We’ve reached the end of our 12 Days of Christmas Films, and I cannot think of a better film to round off our festive series. It’s a special kind of film that makes you well up just reading the plot summary on Wikipedia. Or so someone told me. No, you’re trying to stop tears saturating your keyboard!
Frank Capra’s It’s a Wonderful Life (a worthy prefix in the style of ‘William Shakespeare’s Hamlet’, or ‘Charles Dickens’ A Christmas Carol’) is simply the greatest Christmas film of all time. It might not feature Santa Claus, someone falling off of a roof putting up decorations, or even take place predominantly over the Christmas period – but its simple message is one that everyone needs reminding of at this particular time of the year.
James Stewart (in his favourite role) plays George Bailey; simply the most selfless and implausibly kind person who ever lived. Seriously, he makes Mother Theresa look like Tony Soprano. At the start of the film an angel (Second Class) by the name of Clarence Odbody (Henry Travers) is tasked with saving George as he contemplates taking his own life. Clarence’s line-managers (it helps me to put religion into context by imagining the afterlife as some higher form of bureaucracy) review the life of George Bailey, and the next 50 minutes or so are some of the most depressing and asphyxiating cinema ever committed to film.
George saves his brother’s life and, in doing so, loses his hearing in one ear; George stays at home to run the family business; George gives his college money to his brother; George sacrifices his honeymoon fund to save the townspeople. It’s one crushing disappointment after another, and George remains stoic above it all. He’s not even one of those people who uses their goodwill as a stick to beat the rest of us feckless bastards with.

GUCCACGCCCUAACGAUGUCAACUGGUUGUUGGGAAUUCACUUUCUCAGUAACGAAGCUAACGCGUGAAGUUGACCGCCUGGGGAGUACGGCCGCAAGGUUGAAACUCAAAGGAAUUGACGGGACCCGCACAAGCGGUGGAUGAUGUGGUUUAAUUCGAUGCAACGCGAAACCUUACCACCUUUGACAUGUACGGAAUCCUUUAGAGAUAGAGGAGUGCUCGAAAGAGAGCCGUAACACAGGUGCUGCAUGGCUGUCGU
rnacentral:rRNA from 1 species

It all finally gets too much for George though, leading to him meeting Clarence on the bridge where he is about to kill himself. Clarence proceeds to show George how Bedford Falls would look if he had never existed. It’s here where we learn (or are at least reminded of a) vital truth about our humanity. In recent years the trend has been to embrace science, with all its logic and reason rightfully highlighting how insignificant we are in the broad history of the universe. Compared to the alternative, that is a very good thing. But this film’s central message that “no man is a failure who has friends” is one even rabid atheists can use to embrace their humanity at Christmas.
This is a short piece for a few reasons. Firstly, I’m writing this on Christmas Eve before I go to the cinema with my family to watch It’s a Wonderful Life on the big screen. And I’m not even dressed yet. More importantly though, every extra word I write about this masterpiece is wasted computer ink compared to actually watching it for yourselves. So turn off your computer/phone/second-screen device, track down a copy of It’s a Wonderful Life, and hold your friends and family close.
Read the 12 Days of Christmas Films so far, or catch White Christmas most days on Sky Movies Classics.